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The fossil record reveals much about the diversity and development of species. Examines the traces left by early plants, animals, and single-celled organisms and follows the progression of life forms over time. Connections are drawn between atmospheric gases, climate change, rock formation, biological functions, and mass extinctions.
Online
1992
12.

Minerals [electronic resource]: The Materials of Earth

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Looks at the variety of minerals that have been indispensable to human civilization, their atomic and crystalline structures, and their physical properties such as hardness and luster. Petrologist's methods of sectioning rocks are demonstrated, and gems, precious metals, ore excavation, and the value of silicates are discussed
Online
1992
13.

Volcanism [electronic resource]

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Volcanoes provide clues about what is going on inside Earth. Animations illustrate volcanic processes and how plate boundaries are related to volcanism. Also surveys the various types of eruptions, craters, cones and vents, lava domes, magma, and volcanic rock. The 1980 eruption of Mount St. Helens serves as one example.
Online
1992
14.

Intrusive Igneous Rocks [electronic resource]

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Explains that most magma does not extrude onto Earth's surface but cools slowly deep inside Earth. This magma seeps into crevices in existing rock to form intrusive igneous rocks. Experts provide a graphic illustration of this process and explain the types and textures of rocks such as granite, obsidian, and quartz. Once again, plate tectonics is shown to be involved in the process.
Online
1992
15.

Weathering and Soils [electronic resource]

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Explains that the Cleopatra's Needle obelisk in New York City's Central Park is severely weathered after only 75 years, whereas the dry climate of Egypt has preserved similar structures in that country for millennia. Shows how weather, climate, chemicals, temperature, and type of substrate, factor into rock and soil erosion. Environmental connections are also considered.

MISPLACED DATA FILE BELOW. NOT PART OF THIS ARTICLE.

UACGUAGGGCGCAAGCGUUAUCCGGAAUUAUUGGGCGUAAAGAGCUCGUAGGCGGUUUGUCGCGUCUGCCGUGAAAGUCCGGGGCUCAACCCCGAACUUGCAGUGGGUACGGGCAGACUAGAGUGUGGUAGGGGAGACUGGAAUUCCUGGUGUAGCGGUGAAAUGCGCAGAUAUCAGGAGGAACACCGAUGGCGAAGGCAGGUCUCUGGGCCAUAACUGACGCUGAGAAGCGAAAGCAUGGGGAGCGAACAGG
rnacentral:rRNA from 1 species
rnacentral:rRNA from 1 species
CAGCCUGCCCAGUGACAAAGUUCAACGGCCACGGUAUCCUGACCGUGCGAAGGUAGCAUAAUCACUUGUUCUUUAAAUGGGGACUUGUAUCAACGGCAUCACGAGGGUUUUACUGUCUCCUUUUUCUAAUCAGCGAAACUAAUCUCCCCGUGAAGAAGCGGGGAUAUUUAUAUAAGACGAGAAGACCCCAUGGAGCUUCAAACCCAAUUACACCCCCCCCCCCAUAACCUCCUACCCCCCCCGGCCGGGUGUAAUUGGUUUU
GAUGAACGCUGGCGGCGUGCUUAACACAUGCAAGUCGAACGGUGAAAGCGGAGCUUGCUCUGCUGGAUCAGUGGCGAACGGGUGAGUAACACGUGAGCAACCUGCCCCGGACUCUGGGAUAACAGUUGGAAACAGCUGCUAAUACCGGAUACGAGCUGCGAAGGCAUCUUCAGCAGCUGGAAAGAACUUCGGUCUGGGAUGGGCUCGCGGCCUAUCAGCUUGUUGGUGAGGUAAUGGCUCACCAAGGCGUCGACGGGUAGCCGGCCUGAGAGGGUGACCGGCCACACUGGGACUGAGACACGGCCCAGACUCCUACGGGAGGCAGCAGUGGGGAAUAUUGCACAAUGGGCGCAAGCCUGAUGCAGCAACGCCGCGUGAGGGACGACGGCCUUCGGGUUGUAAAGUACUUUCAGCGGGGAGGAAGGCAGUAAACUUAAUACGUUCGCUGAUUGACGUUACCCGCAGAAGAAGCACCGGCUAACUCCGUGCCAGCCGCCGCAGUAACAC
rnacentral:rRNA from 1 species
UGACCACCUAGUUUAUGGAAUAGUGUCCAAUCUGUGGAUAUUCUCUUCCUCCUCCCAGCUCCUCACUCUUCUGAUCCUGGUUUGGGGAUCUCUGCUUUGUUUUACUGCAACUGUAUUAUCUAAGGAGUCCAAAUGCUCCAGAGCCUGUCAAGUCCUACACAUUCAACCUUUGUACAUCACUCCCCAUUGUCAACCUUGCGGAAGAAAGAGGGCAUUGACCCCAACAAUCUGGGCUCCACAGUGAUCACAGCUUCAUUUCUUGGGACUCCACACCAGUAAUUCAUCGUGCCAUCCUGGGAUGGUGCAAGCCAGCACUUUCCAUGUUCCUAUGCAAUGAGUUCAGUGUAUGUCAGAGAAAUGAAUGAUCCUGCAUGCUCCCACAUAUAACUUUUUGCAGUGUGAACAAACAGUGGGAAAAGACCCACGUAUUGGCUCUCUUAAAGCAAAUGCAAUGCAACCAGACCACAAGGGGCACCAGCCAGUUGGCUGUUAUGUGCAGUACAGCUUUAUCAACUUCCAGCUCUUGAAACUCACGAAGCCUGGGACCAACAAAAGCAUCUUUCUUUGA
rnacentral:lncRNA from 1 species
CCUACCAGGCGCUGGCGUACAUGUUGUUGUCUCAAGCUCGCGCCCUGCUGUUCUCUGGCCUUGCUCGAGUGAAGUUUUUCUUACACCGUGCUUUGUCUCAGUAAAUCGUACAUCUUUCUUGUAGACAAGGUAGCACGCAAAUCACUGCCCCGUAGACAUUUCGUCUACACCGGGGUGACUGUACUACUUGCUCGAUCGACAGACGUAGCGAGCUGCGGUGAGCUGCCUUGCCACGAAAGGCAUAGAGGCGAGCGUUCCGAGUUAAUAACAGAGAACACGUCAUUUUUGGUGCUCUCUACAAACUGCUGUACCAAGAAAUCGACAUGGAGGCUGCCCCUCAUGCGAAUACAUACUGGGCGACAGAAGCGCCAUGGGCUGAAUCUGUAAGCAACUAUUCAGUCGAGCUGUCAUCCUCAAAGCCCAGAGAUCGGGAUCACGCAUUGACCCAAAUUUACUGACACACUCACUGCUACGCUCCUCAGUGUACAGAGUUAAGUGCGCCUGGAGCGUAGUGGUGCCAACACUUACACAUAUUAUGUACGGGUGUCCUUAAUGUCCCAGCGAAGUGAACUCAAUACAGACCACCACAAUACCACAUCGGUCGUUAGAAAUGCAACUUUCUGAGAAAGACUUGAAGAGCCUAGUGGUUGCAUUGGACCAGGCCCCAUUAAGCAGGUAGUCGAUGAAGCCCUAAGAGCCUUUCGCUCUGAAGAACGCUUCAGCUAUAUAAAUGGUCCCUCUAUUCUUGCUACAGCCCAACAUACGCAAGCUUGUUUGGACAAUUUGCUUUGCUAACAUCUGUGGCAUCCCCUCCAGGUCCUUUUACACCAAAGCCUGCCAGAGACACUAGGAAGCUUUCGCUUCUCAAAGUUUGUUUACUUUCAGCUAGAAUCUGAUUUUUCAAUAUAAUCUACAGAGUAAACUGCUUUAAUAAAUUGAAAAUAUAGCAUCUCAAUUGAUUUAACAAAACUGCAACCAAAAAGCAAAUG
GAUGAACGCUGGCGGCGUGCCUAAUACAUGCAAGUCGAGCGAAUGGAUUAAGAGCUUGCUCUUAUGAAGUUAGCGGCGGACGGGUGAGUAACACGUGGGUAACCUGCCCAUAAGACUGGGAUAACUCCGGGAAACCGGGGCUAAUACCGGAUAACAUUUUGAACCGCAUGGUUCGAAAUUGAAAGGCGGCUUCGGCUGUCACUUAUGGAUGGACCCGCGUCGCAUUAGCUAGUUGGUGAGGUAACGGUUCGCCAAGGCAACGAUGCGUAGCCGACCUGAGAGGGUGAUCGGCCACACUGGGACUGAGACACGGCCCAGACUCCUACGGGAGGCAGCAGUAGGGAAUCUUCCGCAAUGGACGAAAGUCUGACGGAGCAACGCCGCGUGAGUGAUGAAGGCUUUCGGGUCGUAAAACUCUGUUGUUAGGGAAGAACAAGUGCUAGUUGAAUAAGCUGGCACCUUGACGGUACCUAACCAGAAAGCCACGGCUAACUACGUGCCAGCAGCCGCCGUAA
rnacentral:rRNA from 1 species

Online
1992
16.

Mass Wasting [electronic resource]

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Explains that anyone undertaking a building project must understand mass wasting or the downslope movement of earth under the influence of gravity. Various factors in mass wasting, including the rock's effective strength and pore spaces, are discussed, as are different types of mass wasting such as creep, slump, and landslides. Images of an actual landslide illustrate the phenomenon.
Online
1992
17.

Sedimentary Rocks [electronic resource]: The Key to Past Environments

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Returns to the Grand Canyon where exposed layers of sedimentary rock allow scientists to peer into the geologic past. The movement of sediment and its deposition are covered, and the processes of lithification, compaction, and cementation that produce sedimentary rocks are explained. Organic components of rock are also discussed.
Online
1992
18.

Metamorphic Rocks [electronic resource]

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Demonstrates that the weight of a mountain creates enough pressure to recrystallize rock, thus creating metamorphic rocks. Outlines the recrystallization process and the types of rock it can create, from claystone and slate to schist and garnet-bearing gneiss. The relationship of metamorphic rock to plate tectonics is also covered.
Online
1992
19.

Running Water 1 [electronic resource]: Rivers, Erosion and Deposition

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Demonstrates that rivers are the most common land feature on Earth and play a vital role in the sculpting of land. Shows landscapes formed by rivers, the various types of rivers, the basic parts of a river, and how characteristics of rivers, their slope, channel, and discharge, erode and build the surrounding terrain. Aspects of flooding are also discussed
Online
1992
20.

Running Water 2 [electronic resource]: Landform Evolution

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Demonstrates the power of rivers in showing how the Colorado River is powerful enough to have carved the Grand Canyon. Focuses on how such carving takes place over time, looking at erosion and deposition processes as they relate to river characteristics and type of rock. The evolution of rivers is covered, along with efforts to prevent harmful consequences to humans.
Online
1992